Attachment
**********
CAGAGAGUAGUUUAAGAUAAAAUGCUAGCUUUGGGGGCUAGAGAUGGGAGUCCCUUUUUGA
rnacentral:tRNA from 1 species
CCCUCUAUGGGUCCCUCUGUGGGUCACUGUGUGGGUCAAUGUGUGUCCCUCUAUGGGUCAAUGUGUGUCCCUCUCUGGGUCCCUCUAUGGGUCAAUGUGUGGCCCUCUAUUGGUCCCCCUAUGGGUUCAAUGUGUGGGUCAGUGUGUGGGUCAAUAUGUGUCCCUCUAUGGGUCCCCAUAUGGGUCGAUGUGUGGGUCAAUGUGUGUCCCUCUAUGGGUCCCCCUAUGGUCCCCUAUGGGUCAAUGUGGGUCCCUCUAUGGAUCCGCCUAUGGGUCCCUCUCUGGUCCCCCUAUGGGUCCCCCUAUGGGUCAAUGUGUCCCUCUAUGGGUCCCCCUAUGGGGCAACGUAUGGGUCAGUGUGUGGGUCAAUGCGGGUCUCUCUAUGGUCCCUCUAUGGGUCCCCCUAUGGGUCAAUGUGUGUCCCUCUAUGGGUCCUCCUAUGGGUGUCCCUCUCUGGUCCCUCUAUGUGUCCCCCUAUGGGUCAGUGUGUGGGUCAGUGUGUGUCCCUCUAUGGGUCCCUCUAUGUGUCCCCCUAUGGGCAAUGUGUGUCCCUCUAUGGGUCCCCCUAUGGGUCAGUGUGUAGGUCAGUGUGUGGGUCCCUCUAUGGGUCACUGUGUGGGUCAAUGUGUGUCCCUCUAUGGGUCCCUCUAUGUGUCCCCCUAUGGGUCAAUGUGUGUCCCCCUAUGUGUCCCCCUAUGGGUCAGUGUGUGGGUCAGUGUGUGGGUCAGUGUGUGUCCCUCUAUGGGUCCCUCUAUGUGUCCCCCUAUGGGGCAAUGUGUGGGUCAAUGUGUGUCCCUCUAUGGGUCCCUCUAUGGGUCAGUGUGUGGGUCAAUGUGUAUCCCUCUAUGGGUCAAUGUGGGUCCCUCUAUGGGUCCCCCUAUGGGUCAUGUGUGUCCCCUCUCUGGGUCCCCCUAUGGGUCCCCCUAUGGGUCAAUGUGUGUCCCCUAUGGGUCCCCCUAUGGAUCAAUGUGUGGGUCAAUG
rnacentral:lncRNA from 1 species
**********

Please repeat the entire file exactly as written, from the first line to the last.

CAGAGAGUAGUUUAAGAUAAAAUGCUAGCUUUGGGGGCUAGAGAUGGGAGUCCCUUUUUGA
rnacentral:tRNA from 1 species
CCCUCUAUGGGUCCCUCUGUGGGUCACUGUGUGGGUCAAUGUGUGUCCCUCUAUGGGUCAAUGUGUGUCCCUCUCUGGGUCCCUCUAUGGGUCAAUGUGUGGCCCUCUAUUGGUCCCCCUAUGGGUUCAAUGUGUGGGUCAGUGUGUGGGUCAAUAUGUGUCCCUCUAUGGGUCCCCAUAUGGGUCGAUGUGUGGGUCAAUGUGUGUCCCUCUAUGGGUCCCCCUAUGGUCCCCUAUGGGUCAAUGUGGGUCCCUCUAUGGAUCCGCCUAUGGGUCCCUCUCUGGUCCCCCUAUGGGUCCCCCUAUGGGUCAAUGUGUCCCUCUAUGGGUCCCCCUAUGGGGCAACGUAUGGGUCAGUGUGUGGGUCAAUGCGGGUCUCUCUAUGGUCCCUCUAUGGGUCCCCCUAUGGGUCAAUGUGUGUCCCUCUAUGGGUCCUCCUAUGGGUGUCCCUCUCUGGUCCCUCUAUGUGUCCCCCUAUGGGUCAGUGUGUGGGUCAGUGUGUGUCCCUCUAUGGGUCCCUCUAUGUGUCCCCCUAUGGGCAAUGUGUGUCCCUCUAUGGGUCCCCCUAUGGGUCAGUGUGUAGGUCAGUGUGUGGGUCCCUCUAUGGGUCACUGUGUGGGUCAAUGUGUGUCCCUCUAUGGGUCCCUCUAUGUGUCCCCCUAUGGGUCAAUGUGUGUCCCCCUAUGUGUCCCCCUAUGGGUCAGUGUGUGGGUCAGUGUGUGGGUCAGUGUGUGUCCCUCUAUGGGUCCCUCUAUGUGUCCCCCUAUGGGGCAAUGUGUGGGUCAAUGUGUGUCCCUCUAUGGGUCCCUCUAUGGGUCAGUGUGUGGGUCAAUGUGUAUCCCUCUAUGGGUCAAUGUGGGUCCCUCUAUGGGUCCCCCUAUGGGUCAUGUGUGUCCCCUCUCUGGGUCCCCCUAUGGGUCCCCCUAUGGGUCAAUGUGUGUCCCCUAUGGGUCCCCCUAUGGAUCAAUGUGUGGGUCAAUG
rnacentral:lncRNA from 1 species